|The Five Love Languages
The Sex eZine - Book Review
Showing Your Love
Although it was published more than a decade ago, The Five Love Languages, by Gary Chapman, is as relevant today as it was when first published. The premise of the book is that every human being has a "love language" that makes him/her feel truly loved. For some it is when a kind word is spoken by their partner (Words of Affirmation). For others it is when their partner snuggles up to them (Physical Touch). According to Chapman, the five love languages are:
1. Quality Time
Quality time is more than mere proximity. It’s about focusing all your energy on your mate. A husband watching sports while talking to his wife is NOT quality time. Unless all of your attention is focused on your mate, even an intimate dinner for two can come and go without a minute of quality time being shared.
Quality conversation is very important in a healthy relationship. It involves sharing experiences, thoughts, feelings and desires in a friendly, uninterrupted context. A good mate will not only listen, but offer advice and respond to assure their mate they are truly listening. Many mates don’t expect you to solve their problems. They need a sympathetic listener.
An important aspect of quality conversation is self-revelation. In order for you to communicate with your mate, you must also be in tune with your inner emotions. It is only when you understand your emotions and inner feelings will you then be able to share quality conversation, and quality time with your mate.
Quality activities are a very important part of quality time. Many mates feel most loved when they spend physical time together, doing activities that they love to do. Spending time together will bring a couple closer, and, in the years to come, will fill up a memory bank that you can reminisce about in the future.
Whether it’s sitting on the couch and having a brief conversation or playing together in a tennis league, quality time is a love language that is shared by many. Setting aside focused time with your mate will ensure a happy marriage.
2. Words of Affirmation
Mark Twain once said “I can live for two months on a good compliment.” Verbal appreciation speaks powerfully to persons whose primary Love Language is “Words of Affirmation.” Simple statements, such as, “You look great in that suit,” or “You must be the best baker in the world! I love your oatmeal cookies,” are sometimes all a person needs to hear to feel loved.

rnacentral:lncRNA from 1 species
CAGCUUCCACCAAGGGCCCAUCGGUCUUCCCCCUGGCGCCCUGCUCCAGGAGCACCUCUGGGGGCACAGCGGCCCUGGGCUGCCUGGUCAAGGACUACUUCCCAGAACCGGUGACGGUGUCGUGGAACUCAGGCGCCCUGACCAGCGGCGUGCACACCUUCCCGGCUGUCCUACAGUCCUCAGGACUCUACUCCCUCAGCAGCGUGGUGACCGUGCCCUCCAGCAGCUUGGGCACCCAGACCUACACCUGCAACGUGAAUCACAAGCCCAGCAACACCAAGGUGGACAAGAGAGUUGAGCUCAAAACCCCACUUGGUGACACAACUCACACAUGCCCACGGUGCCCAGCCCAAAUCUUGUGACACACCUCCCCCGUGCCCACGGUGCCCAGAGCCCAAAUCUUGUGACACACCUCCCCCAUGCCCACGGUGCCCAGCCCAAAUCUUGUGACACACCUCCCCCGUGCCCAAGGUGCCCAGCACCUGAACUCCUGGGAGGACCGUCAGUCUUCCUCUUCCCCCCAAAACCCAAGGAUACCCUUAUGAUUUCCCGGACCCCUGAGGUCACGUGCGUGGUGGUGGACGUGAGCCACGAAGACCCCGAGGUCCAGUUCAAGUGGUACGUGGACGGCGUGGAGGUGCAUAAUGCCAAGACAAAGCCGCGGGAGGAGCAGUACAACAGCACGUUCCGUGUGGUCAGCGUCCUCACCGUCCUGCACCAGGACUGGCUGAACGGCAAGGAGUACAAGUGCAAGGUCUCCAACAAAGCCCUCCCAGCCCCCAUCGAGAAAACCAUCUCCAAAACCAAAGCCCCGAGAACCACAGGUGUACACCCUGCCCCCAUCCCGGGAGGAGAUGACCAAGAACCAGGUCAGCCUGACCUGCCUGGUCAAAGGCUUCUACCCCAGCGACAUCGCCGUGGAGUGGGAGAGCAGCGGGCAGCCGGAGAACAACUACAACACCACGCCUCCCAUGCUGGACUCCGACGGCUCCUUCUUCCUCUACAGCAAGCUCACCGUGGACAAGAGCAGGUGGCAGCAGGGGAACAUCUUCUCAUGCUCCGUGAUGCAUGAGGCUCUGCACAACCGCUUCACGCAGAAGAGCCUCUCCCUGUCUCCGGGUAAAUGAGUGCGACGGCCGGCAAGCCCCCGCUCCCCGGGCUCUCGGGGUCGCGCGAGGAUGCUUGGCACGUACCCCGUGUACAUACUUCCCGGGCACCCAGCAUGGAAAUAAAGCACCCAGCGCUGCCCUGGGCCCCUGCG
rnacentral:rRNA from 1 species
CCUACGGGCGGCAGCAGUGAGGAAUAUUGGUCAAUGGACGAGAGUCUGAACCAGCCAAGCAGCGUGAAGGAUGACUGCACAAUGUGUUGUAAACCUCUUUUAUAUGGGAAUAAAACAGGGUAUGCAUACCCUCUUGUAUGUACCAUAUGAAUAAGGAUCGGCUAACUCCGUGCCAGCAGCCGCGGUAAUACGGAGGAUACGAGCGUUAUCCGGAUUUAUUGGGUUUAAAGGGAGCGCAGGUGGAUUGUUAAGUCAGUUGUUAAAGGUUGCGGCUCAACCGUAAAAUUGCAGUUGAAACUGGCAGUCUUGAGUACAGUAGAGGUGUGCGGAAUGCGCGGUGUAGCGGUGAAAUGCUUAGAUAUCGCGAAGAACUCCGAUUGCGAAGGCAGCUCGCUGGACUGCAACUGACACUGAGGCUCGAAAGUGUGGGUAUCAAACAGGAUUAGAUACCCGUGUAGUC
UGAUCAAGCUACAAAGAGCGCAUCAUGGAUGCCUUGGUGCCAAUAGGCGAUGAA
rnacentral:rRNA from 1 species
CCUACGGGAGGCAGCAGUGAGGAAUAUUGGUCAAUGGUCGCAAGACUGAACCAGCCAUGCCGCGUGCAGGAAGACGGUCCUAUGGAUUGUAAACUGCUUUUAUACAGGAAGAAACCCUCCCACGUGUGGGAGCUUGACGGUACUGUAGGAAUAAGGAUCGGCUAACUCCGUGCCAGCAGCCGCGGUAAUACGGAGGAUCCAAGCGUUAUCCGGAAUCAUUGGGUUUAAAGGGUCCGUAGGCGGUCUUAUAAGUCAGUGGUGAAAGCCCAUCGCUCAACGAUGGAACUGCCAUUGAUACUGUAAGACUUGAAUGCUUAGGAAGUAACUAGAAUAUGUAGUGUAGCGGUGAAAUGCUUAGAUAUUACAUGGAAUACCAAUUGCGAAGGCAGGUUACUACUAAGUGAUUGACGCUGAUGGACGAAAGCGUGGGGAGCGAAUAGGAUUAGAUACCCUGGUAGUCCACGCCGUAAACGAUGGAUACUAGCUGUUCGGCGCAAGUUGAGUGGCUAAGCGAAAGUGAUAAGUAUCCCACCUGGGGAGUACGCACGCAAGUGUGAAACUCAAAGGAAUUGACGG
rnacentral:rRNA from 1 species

Aside from verbal compliments, another way to communicate through “Words of Affirmation” is to offer encouragement. Here are some examples: reinforcing a difficult decision; calling attention to progress made on a current project; acknowledging a person’s unique perspective on an important topic. If a loved one listens for “Words of Affirmation,” offering encouragement will help him or her to overcome insecurities and develop greater confidence.
Some mates respond well to visual symbols of love. If you speak this love language, you are more likely to treasure any gift as an expression of love and devotion. People who speak this love language often feel that a lack of gifts represents a lack of love from their mate. Luckily, this love language is one of the easiest to learn.
If you want to become an effective gift giver, many mates will have to learn to change their attitude about money. If you are naturally a spender, you will have no trouble buying gifts for your mate. However, a person who is used to investing and saving their money may have a tough time adjusting to the concept of spending money as an expression of love. These people must understand that you are investing the money not in gifts, but in deepening your relationship with your mate.
The gift of self is an important symbol of love. Sometimes all your mate desires is for someone to be there for them, going through the same trials and experiencing the same things. Your body can become a very powerful physical symbol of love.
These gifts need not to come every day, or even every week. They don’t even need to cost a lot of money. Free, frequent, expensive, or rare, if your mate relates to the language of receiving gifts, any visible sign of your love will leave them feeling happy and secure in your relationship.
4. Acts of Service
Sometimes simple chores around the house can be an undeniable expression of love. Even simple things like laundry and taking out the trash require some form of planning, time, effort, and energy. Just as Jesus demonstrated when he washed the feet of his disciples, doing humble chores can be a very powerful expression of love and devotion to your mate.
Very often, both pairs in a couple will speak to the Acts of Service Language. However, it is very important to understand what acts of service your mate most appreciates. Even though couples are helping each other around the house, couples will still fight because the are unknowingly communicating with each other in two different dialects. For example, a wife may spend her day washing the cars and walking the dog, but if her husband feels that laundry and dishes are a superior necessity, he may feel unloved, despite the fact that his wife did many other chores throughout the day. It is important to learn your mate’s dialect and work hard to understand what acts of service will show your love.
It is important to do these acts of service out of love and not obligation. A mate who does chores and helps out around the house out of guilt or fear will inevitably not be speaking a language of love, but a language of resentment. It’s important to perform these acts out of the kindness of your heart.
Demonstrating the acts of service can mean stepping out of the stereotypes. Acts of service require both mates to humble themselves into doing some chores and services that aren’t usually expected from their gender. However, these little sacrifices will mean the world to your mate, and will ensure a happy relationship.
5. Physical Touch
Many mates feel the most loved when they receive physical contact from their partner. For a mate who speaks this love language loudly, physical touch can make or break the relationship.